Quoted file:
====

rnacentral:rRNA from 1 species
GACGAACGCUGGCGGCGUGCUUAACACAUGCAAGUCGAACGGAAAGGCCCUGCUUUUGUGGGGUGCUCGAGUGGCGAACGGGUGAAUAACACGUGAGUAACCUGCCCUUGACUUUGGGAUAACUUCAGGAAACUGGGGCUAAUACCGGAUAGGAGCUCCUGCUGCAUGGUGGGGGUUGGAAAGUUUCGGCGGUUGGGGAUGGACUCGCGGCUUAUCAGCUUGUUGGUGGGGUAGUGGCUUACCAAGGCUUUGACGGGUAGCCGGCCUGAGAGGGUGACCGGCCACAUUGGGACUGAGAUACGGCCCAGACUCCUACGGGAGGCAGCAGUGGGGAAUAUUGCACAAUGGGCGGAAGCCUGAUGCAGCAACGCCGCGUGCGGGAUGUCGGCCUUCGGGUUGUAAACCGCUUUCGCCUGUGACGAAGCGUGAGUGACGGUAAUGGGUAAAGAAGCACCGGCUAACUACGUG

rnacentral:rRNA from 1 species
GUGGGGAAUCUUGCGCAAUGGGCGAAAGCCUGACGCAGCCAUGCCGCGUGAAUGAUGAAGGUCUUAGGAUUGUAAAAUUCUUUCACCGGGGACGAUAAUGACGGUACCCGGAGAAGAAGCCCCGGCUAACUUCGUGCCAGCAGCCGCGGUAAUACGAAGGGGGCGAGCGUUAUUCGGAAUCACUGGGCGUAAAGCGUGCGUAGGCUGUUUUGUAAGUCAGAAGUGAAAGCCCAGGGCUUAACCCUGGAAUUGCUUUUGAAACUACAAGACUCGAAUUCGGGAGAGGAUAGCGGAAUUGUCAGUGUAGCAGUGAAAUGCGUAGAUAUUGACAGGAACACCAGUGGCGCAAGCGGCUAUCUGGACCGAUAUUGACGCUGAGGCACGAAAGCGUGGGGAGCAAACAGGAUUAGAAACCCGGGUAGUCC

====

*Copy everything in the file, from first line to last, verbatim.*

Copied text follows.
rnacentral:rRNA from 1 species
GACGAACGCUGGCGGCGUGCUUAACACAUGCAAGUCGAACGGAAAGGCCCUGCUUUUGUGGGGUGCUCGAGUGGCGAACGGGUGAAUAACACGUGAGUAACCUGCCCUUGACUUUGGGAUAACUUCAGGAAACUGGGGCUAAUACCGGAUAGGAGCUCCUGCUGCAUGGUGGGGGUUGGAAAGUUUCGGCGGUUGGGGAUGGACUCGCGGCUUAUCAGCUUGUUGGUGGGGUAGUGGCUUACCAAGGCUUUGACGGGUAGCCGGCCUGAGAGGGUGACCGGCCACAUUGGGACUGAGAUACGGCCCAGACUCCUACGGGAGGCAGCAGUGGGGAAUAUUGCACAAUGGGCGGAAGCCUGAUGCAGCAACGCCGCGUGCGGGAUGUCGGCCUUCGGGUUGUAAACCGCUUUCGCCUGUGACGAAGCGUGAGUGACGGUAAUGGGUAAAGAAGCACCGGCUAACUACGUG

rnacentral:rRNA from 1 species
GUGGGGAAUCUUGCGCAAUGGGCGAAAGCCUGACGCAGCCAUGCCGCGUGAAUGAUGAAGGUCUUAGGAUUGUAAAAUUCUUUCACCGGGGACGAUAAUGACGGUACCCGGAGAAGAAGCCCCGGCUAACUUCGUGCCAGCAGCCGCGGUAAUACGAAGGGGGCGAGCGUUAUUCGGAAUCACUGGGCGUAAAGCGUGCGUAGGCUGUUUUGUAAGUCAGAAGUGAAAGCCCAGGGCUUAACCCUGGAAUUGCUUUUGAAACUACAAGACUCGAAUUCGGGAGAGGAUAGCGGAAUUGUCAGUGUAGCAGUGAAAUGCGUAGAUAUUGACAGGAACACCAGUGGCGCAAGCGGCUAUCUGGACCGAUAUUGACGCUGAGGCACGAAAGCGUGGGGAGCAAACAGGAUUAGAAACCCGGGUAGUCC